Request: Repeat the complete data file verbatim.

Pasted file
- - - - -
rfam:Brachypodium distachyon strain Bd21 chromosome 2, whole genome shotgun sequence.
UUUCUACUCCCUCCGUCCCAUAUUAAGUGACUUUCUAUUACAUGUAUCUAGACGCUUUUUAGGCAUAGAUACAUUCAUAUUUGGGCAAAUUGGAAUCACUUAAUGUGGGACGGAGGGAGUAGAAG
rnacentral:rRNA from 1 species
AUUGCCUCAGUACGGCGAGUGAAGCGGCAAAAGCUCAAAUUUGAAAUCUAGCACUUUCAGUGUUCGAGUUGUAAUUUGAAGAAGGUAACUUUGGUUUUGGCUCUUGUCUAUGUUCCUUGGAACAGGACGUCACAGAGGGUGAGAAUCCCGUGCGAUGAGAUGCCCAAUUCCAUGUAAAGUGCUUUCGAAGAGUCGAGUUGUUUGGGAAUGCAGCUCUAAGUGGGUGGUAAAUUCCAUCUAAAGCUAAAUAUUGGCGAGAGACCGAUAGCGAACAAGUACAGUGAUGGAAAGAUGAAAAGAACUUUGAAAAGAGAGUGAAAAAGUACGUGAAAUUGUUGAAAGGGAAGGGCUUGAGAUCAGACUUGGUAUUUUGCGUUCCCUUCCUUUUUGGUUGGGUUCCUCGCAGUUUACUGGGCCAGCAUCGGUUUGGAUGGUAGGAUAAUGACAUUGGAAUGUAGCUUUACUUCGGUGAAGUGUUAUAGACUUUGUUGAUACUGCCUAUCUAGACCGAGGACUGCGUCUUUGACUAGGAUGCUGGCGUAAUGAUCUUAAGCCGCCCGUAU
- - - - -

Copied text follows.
rfam:Brachypodium distachyon strain Bd21 chromosome 2, whole genome shotgun sequence.
UUUCUACUCCCUCCGUCCCAUAUUAAGUGACUUUCUAUUACAUGUAUCUAGACGCUUUUUAGGCAUAGAUACAUUCAUAUUUGGGCAAAUUGGAAUCACUUAAUGUGGGACGGAGGGAGUAGAAG
rnacentral:rRNA from 1 species
AUUGCCUCAGUACGGCGAGUGAAGCGGCAAAAGCUCAAAUUUGAAAUCUAGCACUUUCAGUGUUCGAGUUGUAAUUUGAAGAAGGUAACUUUGGUUUUGGCUCUUGUCUAUGUUCCUUGGAACAGGACGUCACAGAGGGUGAGAAUCCCGUGCGAUGAGAUGCCCAAUUCCAUGUAAAGUGCUUUCGAAGAGUCGAGUUGUUUGGGAAUGCAGCUCUAAGUGGGUGGUAAAUUCCAUCUAAAGCUAAAUAUUGGCGAGAGACCGAUAGCGAACAAGUACAGUGAUGGAAAGAUGAAAAGAACUUUGAAAAGAGAGUGAAAAAGUACGUGAAAUUGUUGAAAGGGAAGGGCUUGAGAUCAGACUUGGUAUUUUGCGUUCCCUUCCUUUUUGGUUGGGUUCCUCGCAGUUUACUGGGCCAGCAUCGGUUUGGAUGGUAGGAUAAUGACAUUGGAAUGUAGCUUUACUUCGGUGAAGUGUUAUAGACUUUGUUGAUACUGCCUAUCUAGACCGAGGACUGCGUCUUUGACUAGGAUGCUGGCGUAAUGAUCUUAAGCCGCCCGUAU